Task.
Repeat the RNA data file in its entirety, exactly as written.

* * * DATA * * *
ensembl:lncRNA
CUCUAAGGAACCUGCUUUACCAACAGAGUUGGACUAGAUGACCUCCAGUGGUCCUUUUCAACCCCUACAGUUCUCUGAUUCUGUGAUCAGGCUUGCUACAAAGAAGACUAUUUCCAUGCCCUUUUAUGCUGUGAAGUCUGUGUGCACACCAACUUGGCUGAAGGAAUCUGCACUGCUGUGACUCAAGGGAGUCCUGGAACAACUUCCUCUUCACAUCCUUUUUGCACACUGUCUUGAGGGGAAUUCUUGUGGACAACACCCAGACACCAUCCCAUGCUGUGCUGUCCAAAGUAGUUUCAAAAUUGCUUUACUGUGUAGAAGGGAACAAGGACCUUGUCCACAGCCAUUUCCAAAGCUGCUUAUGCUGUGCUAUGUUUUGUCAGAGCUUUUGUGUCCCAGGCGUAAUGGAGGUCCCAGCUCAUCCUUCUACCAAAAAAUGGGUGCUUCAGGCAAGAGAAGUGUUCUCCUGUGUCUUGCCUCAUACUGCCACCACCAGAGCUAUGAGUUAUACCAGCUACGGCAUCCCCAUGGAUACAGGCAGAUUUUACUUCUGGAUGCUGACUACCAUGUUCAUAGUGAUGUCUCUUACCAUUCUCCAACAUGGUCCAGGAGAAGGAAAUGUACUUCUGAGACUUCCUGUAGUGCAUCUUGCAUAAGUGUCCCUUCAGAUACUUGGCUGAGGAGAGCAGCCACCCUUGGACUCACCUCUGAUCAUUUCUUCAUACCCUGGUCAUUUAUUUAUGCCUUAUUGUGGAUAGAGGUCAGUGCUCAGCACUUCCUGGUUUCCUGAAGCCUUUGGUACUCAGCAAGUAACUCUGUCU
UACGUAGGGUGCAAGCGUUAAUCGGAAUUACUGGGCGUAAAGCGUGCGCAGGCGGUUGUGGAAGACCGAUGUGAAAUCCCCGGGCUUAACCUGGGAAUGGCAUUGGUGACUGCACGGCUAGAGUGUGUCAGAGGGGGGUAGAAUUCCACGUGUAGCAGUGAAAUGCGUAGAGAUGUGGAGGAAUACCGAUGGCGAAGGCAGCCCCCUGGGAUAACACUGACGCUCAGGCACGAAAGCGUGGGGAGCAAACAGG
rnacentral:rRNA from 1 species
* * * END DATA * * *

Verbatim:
ensembl:lncRNA
CUCUAAGGAACCUGCUUUACCAACAGAGUUGGACUAGAUGACCUCCAGUGGUCCUUUUCAACCCCUACAGUUCUCUGAUUCUGUGAUCAGGCUUGCUACAAAGAAGACUAUUUCCAUGCCCUUUUAUGCUGUGAAGUCUGUGUGCACACCAACUUGGCUGAAGGAAUCUGCACUGCUGUGACUCAAGGGAGUCCUGGAACAACUUCCUCUUCACAUCCUUUUUGCACACUGUCUUGAGGGGAAUUCUUGUGGACAACACCCAGACACCAUCCCAUGCUGUGCUGUCCAAAGUAGUUUCAAAAUUGCUUUACUGUGUAGAAGGGAACAAGGACCUUGUCCACAGCCAUUUCCAAAGCUGCUUAUGCUGUGCUAUGUUUUGUCAGAGCUUUUGUGUCCCAGGCGUAAUGGAGGUCCCAGCUCAUCCUUCUACCAAAAAAUGGGUGCUUCAGGCAAGAGAAGUGUUCUCCUGUGUCUUGCCUCAUACUGCCACCACCAGAGCUAUGAGUUAUACCAGCUACGGCAUCCCCAUGGAUACAGGCAGAUUUUACUUCUGGAUGCUGACUACCAUGUUCAUAGUGAUGUCUCUUACCAUUCUCCAACAUGGUCCAGGAGAAGGAAAUGUACUUCUGAGACUUCCUGUAGUGCAUCUUGCAUAAGUGUCCCUUCAGAUACUUGGCUGAGGAGAGCAGCCACCCUUGGACUCACCUCUGAUCAUUUCUUCAUACCCUGGUCAUUUAUUUAUGCCUUAUUGUGGAUAGAGGUCAGUGCUCAGCACUUCCUGGUUUCCUGAAGCCUUUGGUACUCAGCAAGUAACUCUGUCU
UACGUAGGGUGCAAGCGUUAAUCGGAAUUACUGGGCGUAAAGCGUGCGCAGGCGGUUGUGGAAGACCGAUGUGAAAUCCCCGGGCUUAACCUGGGAAUGGCAUUGGUGACUGCACGGCUAGAGUGUGUCAGAGGGGGGUAGAAUUCCACGUGUAGCAGUGAAAUGCGUAGAGAUGUGGAGGAAUACCGAUGGCGAAGGCAGCCCCCUGGGAUAACACUGACGCUCAGGCACGAAAGCGUGGGGAGCAAACAGG
rnacentral:rRNA from 1 species